It’s driving the opposition crazy. Many prepare to play the Cubs by thinking that they can steal on Lester, but unlike a couple of seasons ago, few are figuring out how to do it right.

"Everyone is trying to crack the code," Schebler said. "You would think you would be able to steal a base off Lester, but obviously, it hasn’t been very easy."

Think about that statement compared to what players were saying -- and doing -- in 2015. It’s hard to steal on Lester?

"If I was a runner, I would take a secondary step without a huge lead because if you take a huge lead and then a secondary lead, you’re going to get picked off," Contreras said. "Or Jon is going to step off and throw your timing off."

It’s not always pretty with Contreras, as evidenced by his eight errors -- five of which have come via his strong arm. There was even one on a dropped third strike, which would have ended a game in St. Louis; luckily, the Cubs got the next batter. It’s safe to say Lester isn’t wrong in calling Conteras "raw."

"The difference between him and [David Ross] was maturity," Lester said. "Ross picked his spots. ... Willy is so young and eager that sometimes it gets him in trouble, but more times than not, it benefits us. It not only shortens those guys up on the bases, it doesn’t allow them to get the jumps they normally get."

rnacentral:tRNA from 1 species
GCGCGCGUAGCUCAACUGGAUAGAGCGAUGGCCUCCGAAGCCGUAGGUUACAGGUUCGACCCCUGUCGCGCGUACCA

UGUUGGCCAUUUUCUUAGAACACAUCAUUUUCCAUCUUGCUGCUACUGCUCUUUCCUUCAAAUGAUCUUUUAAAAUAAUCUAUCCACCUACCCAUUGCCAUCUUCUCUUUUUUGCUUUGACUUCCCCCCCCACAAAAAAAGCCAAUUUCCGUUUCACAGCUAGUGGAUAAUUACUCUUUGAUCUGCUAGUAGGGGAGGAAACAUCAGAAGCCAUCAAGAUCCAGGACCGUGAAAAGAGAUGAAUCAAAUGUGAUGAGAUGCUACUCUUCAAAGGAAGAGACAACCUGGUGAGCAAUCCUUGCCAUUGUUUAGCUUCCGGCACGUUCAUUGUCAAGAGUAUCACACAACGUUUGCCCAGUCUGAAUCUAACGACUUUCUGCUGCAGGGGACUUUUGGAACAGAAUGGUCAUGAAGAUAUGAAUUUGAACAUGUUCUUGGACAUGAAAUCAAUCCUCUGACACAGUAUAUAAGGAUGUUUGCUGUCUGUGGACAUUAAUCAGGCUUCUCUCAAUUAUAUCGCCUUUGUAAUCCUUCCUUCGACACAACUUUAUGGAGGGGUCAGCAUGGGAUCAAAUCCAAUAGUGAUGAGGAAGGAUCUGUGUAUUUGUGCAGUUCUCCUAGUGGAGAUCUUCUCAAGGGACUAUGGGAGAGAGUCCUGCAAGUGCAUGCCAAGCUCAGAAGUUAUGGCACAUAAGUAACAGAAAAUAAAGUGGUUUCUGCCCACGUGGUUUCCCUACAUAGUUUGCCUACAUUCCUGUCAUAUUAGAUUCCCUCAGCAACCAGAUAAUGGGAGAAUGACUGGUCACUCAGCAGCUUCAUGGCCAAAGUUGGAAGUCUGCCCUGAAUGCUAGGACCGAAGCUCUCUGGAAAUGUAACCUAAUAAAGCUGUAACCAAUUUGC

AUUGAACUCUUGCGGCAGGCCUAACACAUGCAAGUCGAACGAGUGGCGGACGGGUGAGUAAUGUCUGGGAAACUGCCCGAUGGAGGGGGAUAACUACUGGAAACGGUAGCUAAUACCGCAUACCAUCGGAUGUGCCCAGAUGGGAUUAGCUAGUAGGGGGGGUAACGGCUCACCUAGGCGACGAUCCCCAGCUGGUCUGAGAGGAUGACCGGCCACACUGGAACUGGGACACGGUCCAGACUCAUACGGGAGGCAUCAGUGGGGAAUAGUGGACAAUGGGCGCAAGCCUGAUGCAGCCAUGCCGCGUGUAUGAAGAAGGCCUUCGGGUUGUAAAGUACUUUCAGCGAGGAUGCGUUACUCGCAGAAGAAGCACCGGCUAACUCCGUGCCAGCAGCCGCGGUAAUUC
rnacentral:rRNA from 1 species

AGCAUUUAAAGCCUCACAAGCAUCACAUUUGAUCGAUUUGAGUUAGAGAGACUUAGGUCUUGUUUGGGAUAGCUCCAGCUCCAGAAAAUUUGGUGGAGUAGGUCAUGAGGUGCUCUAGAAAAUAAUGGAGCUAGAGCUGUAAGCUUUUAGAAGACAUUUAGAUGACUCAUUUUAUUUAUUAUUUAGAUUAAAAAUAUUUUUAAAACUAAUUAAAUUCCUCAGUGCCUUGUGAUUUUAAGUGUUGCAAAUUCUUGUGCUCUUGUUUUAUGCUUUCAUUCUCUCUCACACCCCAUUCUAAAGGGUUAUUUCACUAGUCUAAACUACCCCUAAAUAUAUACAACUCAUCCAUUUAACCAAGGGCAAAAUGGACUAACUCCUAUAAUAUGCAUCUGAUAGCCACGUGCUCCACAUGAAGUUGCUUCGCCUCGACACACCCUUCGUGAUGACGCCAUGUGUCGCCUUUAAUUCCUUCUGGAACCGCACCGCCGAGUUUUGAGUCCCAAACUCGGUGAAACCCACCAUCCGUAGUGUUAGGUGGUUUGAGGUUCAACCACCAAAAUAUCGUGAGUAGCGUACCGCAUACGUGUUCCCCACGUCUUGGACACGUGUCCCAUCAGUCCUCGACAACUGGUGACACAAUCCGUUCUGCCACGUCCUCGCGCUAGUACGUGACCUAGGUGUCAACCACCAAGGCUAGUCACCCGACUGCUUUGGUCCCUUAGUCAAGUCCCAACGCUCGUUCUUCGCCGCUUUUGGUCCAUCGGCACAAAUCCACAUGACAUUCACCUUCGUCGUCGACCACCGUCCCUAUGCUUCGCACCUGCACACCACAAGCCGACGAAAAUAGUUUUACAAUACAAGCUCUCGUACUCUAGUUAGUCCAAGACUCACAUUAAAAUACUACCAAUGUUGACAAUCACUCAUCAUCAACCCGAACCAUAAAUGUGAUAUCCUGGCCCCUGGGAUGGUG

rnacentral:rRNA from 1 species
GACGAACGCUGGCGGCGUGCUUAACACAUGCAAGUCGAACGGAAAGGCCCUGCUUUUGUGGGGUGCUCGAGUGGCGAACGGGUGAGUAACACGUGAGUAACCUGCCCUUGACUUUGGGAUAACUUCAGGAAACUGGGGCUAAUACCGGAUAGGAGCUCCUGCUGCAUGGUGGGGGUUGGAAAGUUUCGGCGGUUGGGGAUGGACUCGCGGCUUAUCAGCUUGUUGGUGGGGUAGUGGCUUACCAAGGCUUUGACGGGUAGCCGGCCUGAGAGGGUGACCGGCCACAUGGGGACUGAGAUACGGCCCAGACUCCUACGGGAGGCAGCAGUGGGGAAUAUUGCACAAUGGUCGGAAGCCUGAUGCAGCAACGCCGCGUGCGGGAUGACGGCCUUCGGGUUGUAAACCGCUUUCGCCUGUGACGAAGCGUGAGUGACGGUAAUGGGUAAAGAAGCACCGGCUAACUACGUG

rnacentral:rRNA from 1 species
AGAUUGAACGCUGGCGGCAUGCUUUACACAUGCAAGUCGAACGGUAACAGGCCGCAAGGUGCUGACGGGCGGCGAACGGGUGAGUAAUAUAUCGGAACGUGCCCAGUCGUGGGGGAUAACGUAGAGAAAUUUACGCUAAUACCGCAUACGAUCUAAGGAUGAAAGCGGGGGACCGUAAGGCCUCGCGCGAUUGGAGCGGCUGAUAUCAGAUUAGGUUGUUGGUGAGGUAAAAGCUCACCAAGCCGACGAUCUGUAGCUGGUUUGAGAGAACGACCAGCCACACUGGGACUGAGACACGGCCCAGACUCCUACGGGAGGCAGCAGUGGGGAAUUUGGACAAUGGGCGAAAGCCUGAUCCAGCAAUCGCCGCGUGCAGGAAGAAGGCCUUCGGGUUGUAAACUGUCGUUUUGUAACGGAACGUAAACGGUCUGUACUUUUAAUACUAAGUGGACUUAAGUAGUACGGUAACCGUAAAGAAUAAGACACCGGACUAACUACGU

The trickle-down effect when Contreras shows up on the scouting report for the opposition even extends around the diamond, according to Lester.

"It gives our infielders that extra split-second to turn that double play or do whatever," he said. "It shortens guys up. ... When guys are second-guessing themselves, it’s an advantage for us. It’s little things like that that make us all better."

By now, Rizzo knows most of the moments when Contreras might throw to him. The two have a pre-pitch signal for when runners are inching toward bigger leads or secondary leads. But in Schebler’s case, the play opened up for them only after a bad jump on a failed steal attempt. This is where Contreras is growing as a catcher. He saw Schebler hesitate and reacted.

"With a righty, I have the view and time to see if he’s too far off," Contreras said. "Rizzo is going to be ready all the time. ... With Lester, I’ll be ready to throw, and when Lester is pitching, I just ask him for a good pitch to the plate."

Lester's savvy on the mound combined with the emerging chemistry between Contreras and Rizzo is giving runners something to think about while also allowing the pitcher's pickoff issues to continue to fade into the background.

"With Lester on the mound, they do keep you honest," Schebler said. "That’s why it's worked so well for them -- because you know you can get that big lead, and then you have to get back to the base.

"You can take that massive primary lead, but it kind of defeats the purpose of a secondary. You have nowhere to go, and you want your momentum going the right way. ... It's working."